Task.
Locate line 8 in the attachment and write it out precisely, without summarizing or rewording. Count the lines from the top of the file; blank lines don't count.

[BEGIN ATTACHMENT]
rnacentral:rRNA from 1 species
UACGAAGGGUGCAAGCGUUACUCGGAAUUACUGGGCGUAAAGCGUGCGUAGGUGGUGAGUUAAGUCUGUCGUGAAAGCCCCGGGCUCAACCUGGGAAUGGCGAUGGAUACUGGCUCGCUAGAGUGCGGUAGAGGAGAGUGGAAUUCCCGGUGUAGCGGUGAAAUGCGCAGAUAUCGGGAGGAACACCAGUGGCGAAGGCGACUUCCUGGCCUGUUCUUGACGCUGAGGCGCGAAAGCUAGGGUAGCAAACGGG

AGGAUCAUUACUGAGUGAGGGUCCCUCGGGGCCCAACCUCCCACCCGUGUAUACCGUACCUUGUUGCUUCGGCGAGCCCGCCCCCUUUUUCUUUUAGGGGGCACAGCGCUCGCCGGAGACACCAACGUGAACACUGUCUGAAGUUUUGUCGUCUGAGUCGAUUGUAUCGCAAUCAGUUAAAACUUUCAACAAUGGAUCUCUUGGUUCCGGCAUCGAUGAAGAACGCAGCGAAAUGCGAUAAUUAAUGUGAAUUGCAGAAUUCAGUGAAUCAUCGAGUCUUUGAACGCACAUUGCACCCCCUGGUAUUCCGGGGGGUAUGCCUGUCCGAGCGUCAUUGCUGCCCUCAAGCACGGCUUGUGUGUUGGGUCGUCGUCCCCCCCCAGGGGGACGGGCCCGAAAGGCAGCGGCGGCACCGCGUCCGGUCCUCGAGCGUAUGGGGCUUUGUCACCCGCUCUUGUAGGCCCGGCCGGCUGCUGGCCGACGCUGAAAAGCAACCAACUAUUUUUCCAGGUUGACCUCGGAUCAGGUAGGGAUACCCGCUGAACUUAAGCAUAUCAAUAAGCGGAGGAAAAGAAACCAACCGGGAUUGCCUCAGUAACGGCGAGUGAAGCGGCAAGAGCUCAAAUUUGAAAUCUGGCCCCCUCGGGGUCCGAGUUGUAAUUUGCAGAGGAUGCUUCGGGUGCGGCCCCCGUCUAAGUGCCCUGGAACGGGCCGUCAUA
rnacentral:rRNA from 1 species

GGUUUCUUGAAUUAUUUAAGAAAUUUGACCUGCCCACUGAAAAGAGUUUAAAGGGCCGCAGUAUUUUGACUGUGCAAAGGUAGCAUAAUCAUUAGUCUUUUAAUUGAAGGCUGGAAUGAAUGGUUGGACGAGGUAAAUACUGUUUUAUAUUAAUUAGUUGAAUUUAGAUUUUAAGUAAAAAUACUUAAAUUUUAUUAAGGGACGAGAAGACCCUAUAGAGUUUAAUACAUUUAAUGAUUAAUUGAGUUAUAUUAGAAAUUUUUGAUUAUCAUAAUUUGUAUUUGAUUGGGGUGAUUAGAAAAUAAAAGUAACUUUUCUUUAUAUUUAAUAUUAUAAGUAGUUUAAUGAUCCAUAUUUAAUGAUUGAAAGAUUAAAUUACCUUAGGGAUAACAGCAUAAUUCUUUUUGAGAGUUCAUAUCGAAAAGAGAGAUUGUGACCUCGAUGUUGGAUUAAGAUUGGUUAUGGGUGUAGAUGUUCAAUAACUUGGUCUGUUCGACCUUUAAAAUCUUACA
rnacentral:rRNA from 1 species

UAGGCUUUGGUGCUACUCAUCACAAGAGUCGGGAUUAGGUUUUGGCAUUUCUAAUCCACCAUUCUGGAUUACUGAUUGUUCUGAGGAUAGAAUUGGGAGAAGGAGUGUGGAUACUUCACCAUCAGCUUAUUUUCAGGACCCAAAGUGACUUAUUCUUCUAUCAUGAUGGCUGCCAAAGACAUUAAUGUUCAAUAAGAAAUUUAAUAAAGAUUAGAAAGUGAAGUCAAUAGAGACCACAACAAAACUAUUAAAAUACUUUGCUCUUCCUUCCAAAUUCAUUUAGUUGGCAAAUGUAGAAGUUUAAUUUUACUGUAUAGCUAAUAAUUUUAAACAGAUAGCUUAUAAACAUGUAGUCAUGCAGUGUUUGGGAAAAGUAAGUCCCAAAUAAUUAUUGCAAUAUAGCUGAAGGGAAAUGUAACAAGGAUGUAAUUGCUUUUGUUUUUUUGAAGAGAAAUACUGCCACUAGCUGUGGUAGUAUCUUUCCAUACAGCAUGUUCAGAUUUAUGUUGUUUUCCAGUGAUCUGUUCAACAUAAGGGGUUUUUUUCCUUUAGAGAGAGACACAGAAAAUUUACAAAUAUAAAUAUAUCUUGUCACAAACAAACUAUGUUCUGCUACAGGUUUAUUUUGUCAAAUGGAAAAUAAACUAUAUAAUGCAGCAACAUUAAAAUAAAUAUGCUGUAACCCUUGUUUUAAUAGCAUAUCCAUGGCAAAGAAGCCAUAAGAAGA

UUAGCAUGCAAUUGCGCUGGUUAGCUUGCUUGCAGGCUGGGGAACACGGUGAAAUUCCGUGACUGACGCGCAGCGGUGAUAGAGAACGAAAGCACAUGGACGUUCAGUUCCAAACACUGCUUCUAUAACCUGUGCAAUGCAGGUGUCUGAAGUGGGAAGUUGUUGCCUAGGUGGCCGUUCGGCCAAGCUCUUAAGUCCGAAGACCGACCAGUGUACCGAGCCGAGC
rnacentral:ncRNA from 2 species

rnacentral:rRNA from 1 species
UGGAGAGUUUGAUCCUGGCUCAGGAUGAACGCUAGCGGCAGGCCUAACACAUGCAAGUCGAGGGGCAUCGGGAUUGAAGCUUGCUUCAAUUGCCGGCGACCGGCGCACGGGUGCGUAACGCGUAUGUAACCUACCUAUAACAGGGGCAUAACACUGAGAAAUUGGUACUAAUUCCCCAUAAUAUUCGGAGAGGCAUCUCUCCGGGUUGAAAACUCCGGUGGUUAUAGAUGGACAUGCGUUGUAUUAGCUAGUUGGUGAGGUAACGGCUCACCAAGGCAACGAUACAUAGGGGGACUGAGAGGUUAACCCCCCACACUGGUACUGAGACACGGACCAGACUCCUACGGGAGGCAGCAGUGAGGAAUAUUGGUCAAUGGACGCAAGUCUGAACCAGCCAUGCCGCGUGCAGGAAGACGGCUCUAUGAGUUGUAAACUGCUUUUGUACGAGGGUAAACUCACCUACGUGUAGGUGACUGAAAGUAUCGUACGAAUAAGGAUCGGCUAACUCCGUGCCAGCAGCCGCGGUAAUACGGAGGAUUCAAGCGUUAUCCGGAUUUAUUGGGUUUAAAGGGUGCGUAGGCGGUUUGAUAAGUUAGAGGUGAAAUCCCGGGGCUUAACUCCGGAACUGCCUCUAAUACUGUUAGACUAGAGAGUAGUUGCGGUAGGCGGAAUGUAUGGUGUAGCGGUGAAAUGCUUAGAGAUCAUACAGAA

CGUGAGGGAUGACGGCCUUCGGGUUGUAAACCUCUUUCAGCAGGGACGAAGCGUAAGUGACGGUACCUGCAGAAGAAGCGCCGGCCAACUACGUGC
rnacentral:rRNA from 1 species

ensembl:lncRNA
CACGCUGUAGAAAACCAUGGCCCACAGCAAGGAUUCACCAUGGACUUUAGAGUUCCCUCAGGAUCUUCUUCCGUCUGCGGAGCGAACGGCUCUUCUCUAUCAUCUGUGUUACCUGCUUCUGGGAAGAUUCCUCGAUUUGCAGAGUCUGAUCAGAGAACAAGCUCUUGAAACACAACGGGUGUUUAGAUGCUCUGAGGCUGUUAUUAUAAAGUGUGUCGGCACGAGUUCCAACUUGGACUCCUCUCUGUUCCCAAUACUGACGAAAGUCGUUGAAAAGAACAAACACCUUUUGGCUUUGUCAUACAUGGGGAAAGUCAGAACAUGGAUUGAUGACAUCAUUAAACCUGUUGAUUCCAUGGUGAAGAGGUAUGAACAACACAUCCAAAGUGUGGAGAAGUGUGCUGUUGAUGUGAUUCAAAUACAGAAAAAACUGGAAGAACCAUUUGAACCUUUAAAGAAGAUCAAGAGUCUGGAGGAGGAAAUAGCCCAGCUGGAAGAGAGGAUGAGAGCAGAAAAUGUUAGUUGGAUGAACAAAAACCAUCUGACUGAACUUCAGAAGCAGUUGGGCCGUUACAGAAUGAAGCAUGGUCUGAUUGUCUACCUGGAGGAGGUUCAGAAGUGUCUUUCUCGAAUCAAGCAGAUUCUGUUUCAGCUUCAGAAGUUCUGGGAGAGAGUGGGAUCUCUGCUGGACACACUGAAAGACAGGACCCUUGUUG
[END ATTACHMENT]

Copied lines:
UUAGCAUGCAAUUGCGCUGGUUAGCUUGCUUGCAGGCUGGGGAACACGGUGAAAUUCCGUGACUGACGCGCAGCGGUGAUAGAGAACGAAAGCACAUGGACGUUCAGUUCCAAACACUGCUUCUAUAACCUGUGCAAUGCAGGUGUCUGAAGUGGGAAGUUGUUGCCUAGGUGGCCGUUCGGCCAAGCUCUUAAGUCCGAAGACCGACCAGUGUACCGAGCCGAGC